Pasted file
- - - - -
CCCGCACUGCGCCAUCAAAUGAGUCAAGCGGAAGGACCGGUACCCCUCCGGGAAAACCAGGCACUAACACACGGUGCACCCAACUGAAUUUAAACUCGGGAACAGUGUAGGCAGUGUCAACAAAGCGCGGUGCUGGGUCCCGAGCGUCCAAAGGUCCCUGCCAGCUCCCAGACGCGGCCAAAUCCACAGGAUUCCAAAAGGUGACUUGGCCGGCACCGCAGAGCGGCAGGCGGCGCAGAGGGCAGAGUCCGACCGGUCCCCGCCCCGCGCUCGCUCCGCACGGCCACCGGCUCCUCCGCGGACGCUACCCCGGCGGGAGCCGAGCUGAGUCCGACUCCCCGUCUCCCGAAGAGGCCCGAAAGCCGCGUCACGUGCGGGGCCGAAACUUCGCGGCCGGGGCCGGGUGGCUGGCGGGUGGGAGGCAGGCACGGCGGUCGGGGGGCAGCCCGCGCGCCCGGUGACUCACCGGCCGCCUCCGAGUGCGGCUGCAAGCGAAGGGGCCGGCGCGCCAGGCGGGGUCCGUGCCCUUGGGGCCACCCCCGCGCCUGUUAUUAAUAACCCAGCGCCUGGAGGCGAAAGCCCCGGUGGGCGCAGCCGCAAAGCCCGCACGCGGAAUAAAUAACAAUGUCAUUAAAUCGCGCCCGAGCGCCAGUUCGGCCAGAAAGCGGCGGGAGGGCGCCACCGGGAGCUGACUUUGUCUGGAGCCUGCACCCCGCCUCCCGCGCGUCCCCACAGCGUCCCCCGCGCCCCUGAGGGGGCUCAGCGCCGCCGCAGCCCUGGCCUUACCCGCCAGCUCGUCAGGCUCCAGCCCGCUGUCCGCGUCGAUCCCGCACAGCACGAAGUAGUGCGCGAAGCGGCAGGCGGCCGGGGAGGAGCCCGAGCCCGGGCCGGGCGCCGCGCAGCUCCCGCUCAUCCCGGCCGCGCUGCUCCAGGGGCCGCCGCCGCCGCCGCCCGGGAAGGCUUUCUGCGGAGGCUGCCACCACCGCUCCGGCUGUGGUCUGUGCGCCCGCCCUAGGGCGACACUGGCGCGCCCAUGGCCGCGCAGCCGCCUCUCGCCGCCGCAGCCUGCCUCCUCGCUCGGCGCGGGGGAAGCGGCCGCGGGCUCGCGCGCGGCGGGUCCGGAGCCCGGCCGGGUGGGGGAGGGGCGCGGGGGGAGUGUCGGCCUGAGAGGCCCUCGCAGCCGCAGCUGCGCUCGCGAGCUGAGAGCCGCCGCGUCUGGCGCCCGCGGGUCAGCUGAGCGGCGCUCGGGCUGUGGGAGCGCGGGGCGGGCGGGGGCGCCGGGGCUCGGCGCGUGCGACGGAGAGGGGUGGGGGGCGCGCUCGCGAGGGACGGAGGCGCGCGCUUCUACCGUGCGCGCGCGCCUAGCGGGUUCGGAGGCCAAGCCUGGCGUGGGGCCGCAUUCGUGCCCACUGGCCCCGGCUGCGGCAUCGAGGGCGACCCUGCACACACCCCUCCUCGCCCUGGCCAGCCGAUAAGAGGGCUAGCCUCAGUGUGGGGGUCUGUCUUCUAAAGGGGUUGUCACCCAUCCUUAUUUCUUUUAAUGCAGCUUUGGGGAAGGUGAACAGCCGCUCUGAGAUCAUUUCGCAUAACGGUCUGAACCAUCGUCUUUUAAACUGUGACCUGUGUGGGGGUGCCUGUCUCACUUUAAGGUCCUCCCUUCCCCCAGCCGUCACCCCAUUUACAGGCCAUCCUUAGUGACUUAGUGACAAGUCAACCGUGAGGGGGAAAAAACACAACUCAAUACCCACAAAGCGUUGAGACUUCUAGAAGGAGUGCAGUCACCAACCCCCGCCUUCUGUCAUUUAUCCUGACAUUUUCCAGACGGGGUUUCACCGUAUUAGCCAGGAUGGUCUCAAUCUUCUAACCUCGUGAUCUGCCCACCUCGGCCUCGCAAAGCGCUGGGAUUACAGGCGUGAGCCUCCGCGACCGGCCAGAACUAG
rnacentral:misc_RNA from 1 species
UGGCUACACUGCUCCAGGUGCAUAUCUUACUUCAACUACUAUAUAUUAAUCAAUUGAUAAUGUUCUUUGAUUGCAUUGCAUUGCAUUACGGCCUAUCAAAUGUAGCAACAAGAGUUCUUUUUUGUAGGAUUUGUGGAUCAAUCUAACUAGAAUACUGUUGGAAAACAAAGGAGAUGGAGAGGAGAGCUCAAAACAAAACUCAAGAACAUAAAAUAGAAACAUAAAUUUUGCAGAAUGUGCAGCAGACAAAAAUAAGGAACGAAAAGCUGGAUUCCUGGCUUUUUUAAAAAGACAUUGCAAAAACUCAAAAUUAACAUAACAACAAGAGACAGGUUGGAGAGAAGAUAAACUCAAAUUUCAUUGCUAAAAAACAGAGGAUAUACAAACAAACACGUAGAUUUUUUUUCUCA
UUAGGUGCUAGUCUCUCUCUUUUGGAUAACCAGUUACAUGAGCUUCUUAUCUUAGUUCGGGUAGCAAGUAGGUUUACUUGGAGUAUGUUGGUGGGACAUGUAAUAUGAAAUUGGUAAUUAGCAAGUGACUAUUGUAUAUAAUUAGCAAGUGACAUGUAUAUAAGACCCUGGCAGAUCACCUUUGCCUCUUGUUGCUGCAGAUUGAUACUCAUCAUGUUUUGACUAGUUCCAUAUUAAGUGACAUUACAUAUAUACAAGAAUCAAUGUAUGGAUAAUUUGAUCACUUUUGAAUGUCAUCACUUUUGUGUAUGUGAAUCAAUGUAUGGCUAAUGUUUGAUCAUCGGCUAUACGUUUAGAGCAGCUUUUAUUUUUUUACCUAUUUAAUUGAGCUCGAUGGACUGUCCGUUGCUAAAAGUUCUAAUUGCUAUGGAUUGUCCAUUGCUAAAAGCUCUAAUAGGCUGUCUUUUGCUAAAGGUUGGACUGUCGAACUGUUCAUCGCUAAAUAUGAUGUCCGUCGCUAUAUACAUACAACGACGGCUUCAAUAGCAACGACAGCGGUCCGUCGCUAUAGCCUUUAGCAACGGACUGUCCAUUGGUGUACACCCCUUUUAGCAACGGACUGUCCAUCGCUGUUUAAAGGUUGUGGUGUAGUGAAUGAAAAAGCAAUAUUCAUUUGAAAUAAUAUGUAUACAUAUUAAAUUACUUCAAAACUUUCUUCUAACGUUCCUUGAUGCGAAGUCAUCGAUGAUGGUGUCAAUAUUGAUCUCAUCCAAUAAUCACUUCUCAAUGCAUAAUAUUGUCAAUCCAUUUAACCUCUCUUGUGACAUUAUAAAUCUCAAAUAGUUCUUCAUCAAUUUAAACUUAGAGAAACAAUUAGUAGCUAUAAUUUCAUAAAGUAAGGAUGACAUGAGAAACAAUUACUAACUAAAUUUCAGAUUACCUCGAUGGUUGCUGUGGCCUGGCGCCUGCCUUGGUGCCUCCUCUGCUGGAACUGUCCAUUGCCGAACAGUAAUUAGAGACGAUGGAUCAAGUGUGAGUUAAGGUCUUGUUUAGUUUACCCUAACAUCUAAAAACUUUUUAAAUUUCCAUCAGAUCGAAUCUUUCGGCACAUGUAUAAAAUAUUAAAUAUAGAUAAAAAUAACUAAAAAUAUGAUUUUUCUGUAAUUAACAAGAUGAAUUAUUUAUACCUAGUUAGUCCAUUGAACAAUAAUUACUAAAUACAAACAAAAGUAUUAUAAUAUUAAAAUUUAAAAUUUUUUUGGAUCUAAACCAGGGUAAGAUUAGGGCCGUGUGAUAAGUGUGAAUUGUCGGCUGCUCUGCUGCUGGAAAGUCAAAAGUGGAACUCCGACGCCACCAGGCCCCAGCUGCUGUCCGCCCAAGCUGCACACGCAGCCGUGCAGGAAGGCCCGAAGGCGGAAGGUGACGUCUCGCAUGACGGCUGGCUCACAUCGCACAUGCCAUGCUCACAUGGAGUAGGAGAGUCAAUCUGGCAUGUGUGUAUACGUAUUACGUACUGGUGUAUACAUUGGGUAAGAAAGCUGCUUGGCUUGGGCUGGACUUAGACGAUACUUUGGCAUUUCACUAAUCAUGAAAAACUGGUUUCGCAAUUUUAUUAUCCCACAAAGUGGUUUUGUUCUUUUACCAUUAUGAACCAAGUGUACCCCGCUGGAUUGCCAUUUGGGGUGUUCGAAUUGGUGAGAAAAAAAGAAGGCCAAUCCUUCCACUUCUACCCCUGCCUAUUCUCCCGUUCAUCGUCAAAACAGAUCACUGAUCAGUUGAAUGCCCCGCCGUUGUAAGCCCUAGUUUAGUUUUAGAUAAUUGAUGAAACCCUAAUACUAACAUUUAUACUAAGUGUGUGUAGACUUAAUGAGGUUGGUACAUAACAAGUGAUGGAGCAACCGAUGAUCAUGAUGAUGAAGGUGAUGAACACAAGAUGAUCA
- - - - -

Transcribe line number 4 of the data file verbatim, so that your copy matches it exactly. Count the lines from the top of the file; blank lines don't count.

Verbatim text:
UUAGGUGCUAGUCUCUCUCUUUUGGAUAACCAGUUACAUGAGCUUCUUAUCUUAGUUCGGGUAGCAAGUAGGUUUACUUGGAGUAUGUUGGUGGGACAUGUAAUAUGAAAUUGGUAAUUAGCAAGUGACUAUUGUAUAUAAUUAGCAAGUGACAUGUAUAUAAGACCCUGGCAGAUCACCUUUGCCUCUUGUUGCUGCAGAUUGAUACUCAUCAUGUUUUGACUAGUUCCAUAUUAAGUGACAUUACAUAUAUACAAGAAUCAAUGUAUGGAUAAUUUGAUCACUUUUGAAUGUCAUCACUUUUGUGUAUGUGAAUCAAUGUAUGGCUAAUGUUUGAUCAUCGGCUAUACGUUUAGAGCAGCUUUUAUUUUUUUACCUAUUUAAUUGAGCUCGAUGGACUGUCCGUUGCUAAAAGUUCUAAUUGCUAUGGAUUGUCCAUUGCUAAAAGCUCUAAUAGGCUGUCUUUUGCUAAAGGUUGGACUGUCGAACUGUUCAUCGCUAAAUAUGAUGUCCGUCGCUAUAUACAUACAACGACGGCUUCAAUAGCAACGACAGCGGUCCGUCGCUAUAGCCUUUAGCAACGGACUGUCCAUUGGUGUACACCCCUUUUAGCAACGGACUGUCCAUCGCUGUUUAAAGGUUGUGGUGUAGUGAAUGAAAAAGCAAUAUUCAUUUGAAAUAAUAUGUAUACAUAUUAAAUUACUUCAAAACUUUCUUCUAACGUUCCUUGAUGCGAAGUCAUCGAUGAUGGUGUCAAUAUUGAUCUCAUCCAAUAAUCACUUCUCAAUGCAUAAUAUUGUCAAUCCAUUUAACCUCUCUUGUGACAUUAUAAAUCUCAAAUAGUUCUUCAUCAAUUUAAACUUAGAGAAACAAUUAGUAGCUAUAAUUUCAUAAAGUAAGGAUGACAUGAGAAACAAUUACUAACUAAAUUUCAGAUUACCUCGAUGGUUGCUGUGGCCUGGCGCCUGCCUUGGUGCCUCCUCUGCUGGAACUGUCCAUUGCCGAACAGUAAUUAGAGACGAUGGAUCAAGUGUGAGUUAAGGUCUUGUUUAGUUUACCCUAACAUCUAAAAACUUUUUAAAUUUCCAUCAGAUCGAAUCUUUCGGCACAUGUAUAAAAUAUUAAAUAUAGAUAAAAAUAACUAAAAAUAUGAUUUUUCUGUAAUUAACAAGAUGAAUUAUUUAUACCUAGUUAGUCCAUUGAACAAUAAUUACUAAAUACAAACAAAAGUAUUAUAAUAUUAAAAUUUAAAAUUUUUUUGGAUCUAAACCAGGGUAAGAUUAGGGCCGUGUGAUAAGUGUGAAUUGUCGGCUGCUCUGCUGCUGGAAAGUCAAAAGUGGAACUCCGACGCCACCAGGCCCCAGCUGCUGUCCGCCCAAGCUGCACACGCAGCCGUGCAGGAAGGCCCGAAGGCGGAAGGUGACGUCUCGCAUGACGGCUGGCUCACAUCGCACAUGCCAUGCUCACAUGGAGUAGGAGAGUCAAUCUGGCAUGUGUGUAUACGUAUUACGUACUGGUGUAUACAUUGGGUAAGAAAGCUGCUUGGCUUGGGCUGGACUUAGACGAUACUUUGGCAUUUCACUAAUCAUGAAAAACUGGUUUCGCAAUUUUAUUAUCCCACAAAGUGGUUUUGUUCUUUUACCAUUAUGAACCAAGUGUACCCCGCUGGAUUGCCAUUUGGGGUGUUCGAAUUGGUGAGAAAAAAAGAAGGCCAAUCCUUCCACUUCUACCCCUGCCUAUUCUCCCGUUCAUCGUCAAAACAGAUCACUGAUCAGUUGAAUGCCCCGCCGUUGUAAGCCCUAGUUUAGUUUUAGAUAAUUGAUGAAACCCUAAUACUAACAUUUAUACUAAGUGUGUGUAGACUUAAUGAGGUUGGUACAUAACAAGUGAUGGAGCAACCGAUGAUCAUGAUGAUGAAGGUGAUGAACACAAGAUGAUCA